This writer knew Arnold Johnson as the pianist on Paul Biese’s hell-raising sides of the teens and for his band’s vivid ensemble lines on some records with Jack Purvis. Wikipedia explains that Arnold Johnson had a long career in popular music, from vaudeville accompanist through bandleader to radio professional.
“Sweet Lovin’ Mama” is, at best, a sentence in the book of Johnson’s life. Yet it’s still another ear-opening example of this hustling musical professional: arranged with ample variety, played with energy as well as confidence, and hotter than any metaphor I could insert to introduce it:
The novelty sounds in the introduction are swept away to make room for some straightforward collective ensemble stomping, with Nat Natoli’s lead trumpet and the rhythm section hitting hard. Natoli’s breaks and muted upper-register vocalizing also raise the temperature. A chorus for sentimental violin with piano ragging around it is followed by a similar effect, now with the saxophone section around the trombone melody, then gliding into a wailing out chorus. Johnson may not have performed all the parts, but his name on the record label once again delivers the goods.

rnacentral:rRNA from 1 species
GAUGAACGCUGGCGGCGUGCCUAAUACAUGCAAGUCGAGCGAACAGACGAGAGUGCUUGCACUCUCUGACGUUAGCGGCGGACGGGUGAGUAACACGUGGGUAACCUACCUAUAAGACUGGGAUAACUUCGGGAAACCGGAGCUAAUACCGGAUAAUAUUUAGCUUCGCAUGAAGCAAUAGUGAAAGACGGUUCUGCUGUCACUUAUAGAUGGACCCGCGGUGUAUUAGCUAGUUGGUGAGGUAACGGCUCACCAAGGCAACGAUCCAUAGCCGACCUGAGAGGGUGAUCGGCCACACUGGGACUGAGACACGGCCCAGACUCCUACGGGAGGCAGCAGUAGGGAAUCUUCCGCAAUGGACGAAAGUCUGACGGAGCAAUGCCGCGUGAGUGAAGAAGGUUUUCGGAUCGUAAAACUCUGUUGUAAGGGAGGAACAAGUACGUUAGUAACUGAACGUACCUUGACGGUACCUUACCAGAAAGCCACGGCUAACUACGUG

He worked in the music business rather than Jazz per se, and “Sweet Lovin’ Mama” may have been just a “product” made to satisfy demand. It concerns itself with nothing other than rhythmic intensity, textural contrasts, melodic variation, and instrumental give and take. Once upon a time, it made dancers move in their homes. Now, it makes listeners dance in their minds. If there is such a thing as “absolute hot music,” this track would be a good candidate.